It has been suggested to start a new more specific thread on this issue, so here it is.
Please post here if you have any methods or solutions to overcome the leading dot issue when letsencrypt is trying to authenticate when using IIS with ASP enabled.
mime and handler changes are not acceptable solutions because they do not work for me and some others beside imposing a possible security risk.
Perhaps the approach mentioned in this article might work for you?
If I understood what was being advised there properly, that seems to have the advantage of being highly specific, so if you don’t want to change the overall behavior of IIS in terms of what files it will and won’t serve, you can still change it for this particular path.
Are you sure that the problem is the leading dot in the directory name? If so, just drop to a command prompt and
CD \inetpub\wwwroot into the root directory of your website, then
MD ".well-known" and voila! You must use the double quotes but that will create the directory for you. Then you can get into it with
CD ".well-known" (again, must use the quotes) and
MD acme-challenge and you’re all set up. I did it myself manually, but the various Let’s Encrypt tools will create the appropriate files and copy/delete them, etc during the cert process.
If the problem is actually that IIS won’t serve the resulting
http-01 challenge file because it does not have an extension, then you must make a new
mimemap entry to your
web.config file like this:
<mimeMap fileExtension="." mimeType="text/plain" />
Recycle the application pool attached to your website and it should be good to go! You did not mention if this is using MVC, which has a whole other set of issues…and also IIS 6 is outdated so hopefully you’re using IIS 7 or higher.
The latter is the case for this individual, who has also repeatedly refused to alter his MIME/handler setup for "security reasons" in both this and other threads:
Huh. Well, I can’t think of any security risk in allowing files without extensions to be served, since security through obscurity is not security. However, this is a Microsoft thing in IIS and it simply won’t work without that capability. If he doesn’t want to enable this simple
web.config required change only for the challenge process, then copy back his original file then I suppose he could install nginx or some other Linux variety to perform the challenge, then import the certificate into IIS, but that’s too much effort for me. :- )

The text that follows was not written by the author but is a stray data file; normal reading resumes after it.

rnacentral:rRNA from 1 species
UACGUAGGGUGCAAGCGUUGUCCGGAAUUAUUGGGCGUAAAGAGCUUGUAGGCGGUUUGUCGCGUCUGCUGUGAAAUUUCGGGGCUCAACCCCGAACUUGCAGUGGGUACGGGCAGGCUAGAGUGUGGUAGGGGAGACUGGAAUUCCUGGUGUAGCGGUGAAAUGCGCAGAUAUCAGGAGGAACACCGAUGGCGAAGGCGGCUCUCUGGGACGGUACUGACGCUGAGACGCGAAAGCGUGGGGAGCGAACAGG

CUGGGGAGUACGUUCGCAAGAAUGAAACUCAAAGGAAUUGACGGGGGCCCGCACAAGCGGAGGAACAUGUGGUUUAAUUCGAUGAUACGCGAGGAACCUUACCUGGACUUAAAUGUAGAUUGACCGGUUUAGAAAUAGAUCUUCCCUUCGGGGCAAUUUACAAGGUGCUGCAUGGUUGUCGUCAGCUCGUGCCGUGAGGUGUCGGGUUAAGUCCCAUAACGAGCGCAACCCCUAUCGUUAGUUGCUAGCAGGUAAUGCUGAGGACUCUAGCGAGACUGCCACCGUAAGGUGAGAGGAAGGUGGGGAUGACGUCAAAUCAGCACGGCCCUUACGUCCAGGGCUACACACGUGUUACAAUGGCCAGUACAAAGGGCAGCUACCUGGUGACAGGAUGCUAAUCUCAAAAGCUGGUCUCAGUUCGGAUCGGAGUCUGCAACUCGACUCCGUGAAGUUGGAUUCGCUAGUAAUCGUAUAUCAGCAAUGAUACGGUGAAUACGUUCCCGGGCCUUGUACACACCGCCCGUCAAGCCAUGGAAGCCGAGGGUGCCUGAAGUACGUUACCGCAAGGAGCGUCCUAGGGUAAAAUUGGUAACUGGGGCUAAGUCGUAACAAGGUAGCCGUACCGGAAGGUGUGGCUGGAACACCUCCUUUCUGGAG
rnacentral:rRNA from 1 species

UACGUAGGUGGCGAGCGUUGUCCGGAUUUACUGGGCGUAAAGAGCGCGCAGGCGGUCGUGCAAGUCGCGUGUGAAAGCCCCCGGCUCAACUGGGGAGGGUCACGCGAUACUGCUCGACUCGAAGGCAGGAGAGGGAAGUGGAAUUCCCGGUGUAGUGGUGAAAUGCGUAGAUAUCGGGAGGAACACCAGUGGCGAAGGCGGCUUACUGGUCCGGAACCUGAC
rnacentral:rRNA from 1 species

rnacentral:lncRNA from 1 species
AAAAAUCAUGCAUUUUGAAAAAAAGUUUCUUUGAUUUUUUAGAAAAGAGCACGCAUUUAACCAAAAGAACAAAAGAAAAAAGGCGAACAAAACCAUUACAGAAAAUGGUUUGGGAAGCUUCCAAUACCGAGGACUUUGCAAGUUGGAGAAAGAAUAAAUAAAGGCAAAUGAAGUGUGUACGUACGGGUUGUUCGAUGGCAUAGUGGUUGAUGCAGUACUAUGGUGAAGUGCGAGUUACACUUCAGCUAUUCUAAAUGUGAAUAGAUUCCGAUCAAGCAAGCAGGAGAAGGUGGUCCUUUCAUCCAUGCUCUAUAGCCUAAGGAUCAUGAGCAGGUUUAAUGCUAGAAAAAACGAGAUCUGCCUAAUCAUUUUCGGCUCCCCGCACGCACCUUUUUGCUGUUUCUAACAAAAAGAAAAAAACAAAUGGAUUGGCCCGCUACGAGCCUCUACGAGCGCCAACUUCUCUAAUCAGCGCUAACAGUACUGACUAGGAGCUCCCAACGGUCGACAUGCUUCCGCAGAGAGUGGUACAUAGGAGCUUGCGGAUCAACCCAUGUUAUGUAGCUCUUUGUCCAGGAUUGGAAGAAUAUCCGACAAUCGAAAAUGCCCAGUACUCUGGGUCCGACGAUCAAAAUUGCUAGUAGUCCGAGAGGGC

Is there, maybe, a way to limit the effect of this
mimeMap to files with the literal name
Some people on various systems like the idea of forbidding files starting with
. from being served by default because of a lot of credentials and keys (
.gnupg), temporary files (
.swp), and editor or version control configuration files (
gitignore, etc.) will have that name. I do think this default has prevented a huge number of accidents where people kept these in their web content trees and where they would accidentally be made available to the public. So, I don’t think we need to take any kind of hard line against this precaution. Still, intentionally serving the specific path
/.well-known doesn’t seem like a security risk because it’s specified by an Internet standard and there’s no particular reason to expect this path to inadvertently contain any confidential information.
I think there’s a big misunderstanding here. There is no “invisibility” of directories that begin with a period in their name in Windows, that’s a *nix thing. There is nothing special needed in IIS to allow a directory that starts with a dot to contain content pages which get served via http/https. Saying there is a problem with IIS serving a file that is located within a directory path that starts with a period is an error, because this is not prevented even in a default setup of IIS.
The issue, outlined above, is that IIS by default will not serve any files with extensions that it does not know about. Such as filenames without an extension at all. As an example, it does not know about .woff files (special font format) or .svg image files, so you have to add a mimemap for those also:
<mimeMap fileExtension=".woff" mimeType="application/font-woff" />
<mimeMap fileExtension=".svg" mimeType="image/svg+xml" />
Without these mappings IIS will give a 404 error for those file types. I don’t know how much he knows about IIS configuration, but perhaps he is expecting to use a browser and go to that directory to see the files listed? By default IIS will not display a directory listing for security purposes; that has to be specifically enabled in the settings. And, again, MVC is a whole 'nuther thing.
The nuclear option would be RAMMFAR (Google it) but I highly discourage that…there’s always another way. Also, if he is running
URLscan then that could be the culprit too.
Thanks for the clarification, @mushu. I did make the wrong assumption about what was going on.
I think the use of ASP somehow changed things for the original poster with regards to dot-directories.
I use LetsEncrypt-win-simple (aka LetsEncryptSimple) on MS Windows Server 2016 with IIS 10.0
It now works fine for me after taking 2 steps:
1: I added a Web.Config (text) file in the subdirectory .well-known of the webroot of the IIS-website
Web.config.txt (176 Bytes) please remove the .txt extension after downloading.
2: modification of the LetsEncyptSimple file web_config.xml
web_config.xml.txt (784 Bytes) please remove the .txt extension after downloading.
To test this setup I created an extensionless text file named Test with “Test OK!” in it (make file Test.txt first and remove the extension .txt)
If you can see Test OK! when you visit the url: "http://www.yourdomain.com/.well-known/acme-challenge/test
then you’re configuration should also work with LetsEncryptSimple!
(unless you have other issues, like I did: an incorrect CAA DNS-record…)
I hope this helps!
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